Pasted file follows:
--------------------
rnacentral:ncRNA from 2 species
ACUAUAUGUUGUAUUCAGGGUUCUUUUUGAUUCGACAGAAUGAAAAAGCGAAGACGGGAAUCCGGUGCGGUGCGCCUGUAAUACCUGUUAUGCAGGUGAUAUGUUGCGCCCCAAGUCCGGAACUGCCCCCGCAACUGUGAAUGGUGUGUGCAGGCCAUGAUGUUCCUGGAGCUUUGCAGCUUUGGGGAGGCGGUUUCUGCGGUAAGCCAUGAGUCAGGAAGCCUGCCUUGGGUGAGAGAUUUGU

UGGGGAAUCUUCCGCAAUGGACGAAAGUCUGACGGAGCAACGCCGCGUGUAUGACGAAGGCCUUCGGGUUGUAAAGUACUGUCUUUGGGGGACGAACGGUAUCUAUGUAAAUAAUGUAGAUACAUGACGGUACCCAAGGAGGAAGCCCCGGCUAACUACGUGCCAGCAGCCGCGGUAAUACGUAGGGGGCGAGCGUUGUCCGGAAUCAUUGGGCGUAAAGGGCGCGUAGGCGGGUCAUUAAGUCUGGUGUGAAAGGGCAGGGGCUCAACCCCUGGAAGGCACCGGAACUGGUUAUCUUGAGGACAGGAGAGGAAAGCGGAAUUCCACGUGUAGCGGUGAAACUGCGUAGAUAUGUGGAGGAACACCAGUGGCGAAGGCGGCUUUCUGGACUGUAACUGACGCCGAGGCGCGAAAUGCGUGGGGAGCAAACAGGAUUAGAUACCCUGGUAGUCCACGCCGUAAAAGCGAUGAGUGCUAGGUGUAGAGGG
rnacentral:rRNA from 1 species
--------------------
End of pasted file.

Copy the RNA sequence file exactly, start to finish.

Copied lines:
rnacentral:ncRNA from 2 species
ACUAUAUGUUGUAUUCAGGGUUCUUUUUGAUUCGACAGAAUGAAAAAGCGAAGACGGGAAUCCGGUGCGGUGCGCCUGUAAUACCUGUUAUGCAGGUGAUAUGUUGCGCCCCAAGUCCGGAACUGCCCCCGCAACUGUGAAUGGUGUGUGCAGGCCAUGAUGUUCCUGGAGCUUUGCAGCUUUGGGGAGGCGGUUUCUGCGGUAAGCCAUGAGUCAGGAAGCCUGCCUUGGGUGAGAGAUUUGU

UGGGGAAUCUUCCGCAAUGGACGAAAGUCUGACGGAGCAACGCCGCGUGUAUGACGAAGGCCUUCGGGUUGUAAAGUACUGUCUUUGGGGGACGAACGGUAUCUAUGUAAAUAAUGUAGAUACAUGACGGUACCCAAGGAGGAAGCCCCGGCUAACUACGUGCCAGCAGCCGCGGUAAUACGUAGGGGGCGAGCGUUGUCCGGAAUCAUUGGGCGUAAAGGGCGCGUAGGCGGGUCAUUAAGUCUGGUGUGAAAGGGCAGGGGCUCAACCCCUGGAAGGCACCGGAACUGGUUAUCUUGAGGACAGGAGAGGAAAGCGGAAUUCCACGUGUAGCGGUGAAACUGCGUAGAUAUGUGGAGGAACACCAGUGGCGAAGGCGGCUUUCUGGACUGUAACUGACGCCGAGGCGCGAAAUGCGUGGGGAGCAAACAGGAUUAGAUACCCUGGUAGUCCACGCCGUAAAAGCGAUGAGUGCUAGGUGUAGAGGG
rnacentral:rRNA from 1 species